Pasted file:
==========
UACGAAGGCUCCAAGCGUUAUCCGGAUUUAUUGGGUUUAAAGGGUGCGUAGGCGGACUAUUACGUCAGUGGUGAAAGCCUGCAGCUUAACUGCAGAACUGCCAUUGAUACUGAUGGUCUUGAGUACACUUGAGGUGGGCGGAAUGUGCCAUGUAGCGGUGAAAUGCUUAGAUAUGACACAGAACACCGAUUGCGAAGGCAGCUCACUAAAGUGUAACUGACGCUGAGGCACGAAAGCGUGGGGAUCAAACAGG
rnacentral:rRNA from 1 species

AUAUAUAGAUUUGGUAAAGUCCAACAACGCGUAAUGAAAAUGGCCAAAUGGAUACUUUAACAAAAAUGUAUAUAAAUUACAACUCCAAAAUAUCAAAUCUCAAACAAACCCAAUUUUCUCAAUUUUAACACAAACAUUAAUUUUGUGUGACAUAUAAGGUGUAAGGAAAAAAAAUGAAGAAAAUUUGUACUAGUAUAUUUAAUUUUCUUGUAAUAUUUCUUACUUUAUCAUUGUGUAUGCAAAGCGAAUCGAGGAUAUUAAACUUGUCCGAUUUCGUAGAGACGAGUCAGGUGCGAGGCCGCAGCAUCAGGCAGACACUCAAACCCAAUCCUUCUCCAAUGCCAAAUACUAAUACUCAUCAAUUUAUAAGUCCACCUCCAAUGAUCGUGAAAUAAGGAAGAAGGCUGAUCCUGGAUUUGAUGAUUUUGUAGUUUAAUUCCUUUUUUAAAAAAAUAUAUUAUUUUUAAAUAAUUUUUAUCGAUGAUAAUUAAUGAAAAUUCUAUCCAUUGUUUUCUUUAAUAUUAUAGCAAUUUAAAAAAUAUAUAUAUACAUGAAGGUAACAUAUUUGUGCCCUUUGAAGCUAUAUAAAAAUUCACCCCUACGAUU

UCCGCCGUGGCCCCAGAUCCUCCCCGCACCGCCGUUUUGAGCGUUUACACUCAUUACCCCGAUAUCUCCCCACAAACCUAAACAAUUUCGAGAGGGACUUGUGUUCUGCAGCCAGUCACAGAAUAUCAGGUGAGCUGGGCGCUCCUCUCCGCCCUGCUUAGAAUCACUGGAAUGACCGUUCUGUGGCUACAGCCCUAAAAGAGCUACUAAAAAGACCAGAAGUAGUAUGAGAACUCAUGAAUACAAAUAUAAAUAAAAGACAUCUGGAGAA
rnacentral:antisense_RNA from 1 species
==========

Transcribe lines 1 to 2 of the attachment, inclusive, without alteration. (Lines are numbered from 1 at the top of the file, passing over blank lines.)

UACGAAGGCUCCAAGCGUUAUCCGGAUUUAUUGGGUUUAAAGGGUGCGUAGGCGGACUAUUACGUCAGUGGUGAAAGCCUGCAGCUUAACUGCAGAACUGCCAUUGAUACUGAUGGUCUUGAGUACACUUGAGGUGGGCGGAAUGUGCCAUGUAGCGGUGAAAUGCUUAGAUAUGACACAGAACACCGAUUGCGAAGGCAGCUCACUAAAGUGUAACUGACGCUGAGGCACGAAAGCGUGGGGAUCAAACAGG
rnacentral:rRNA from 1 species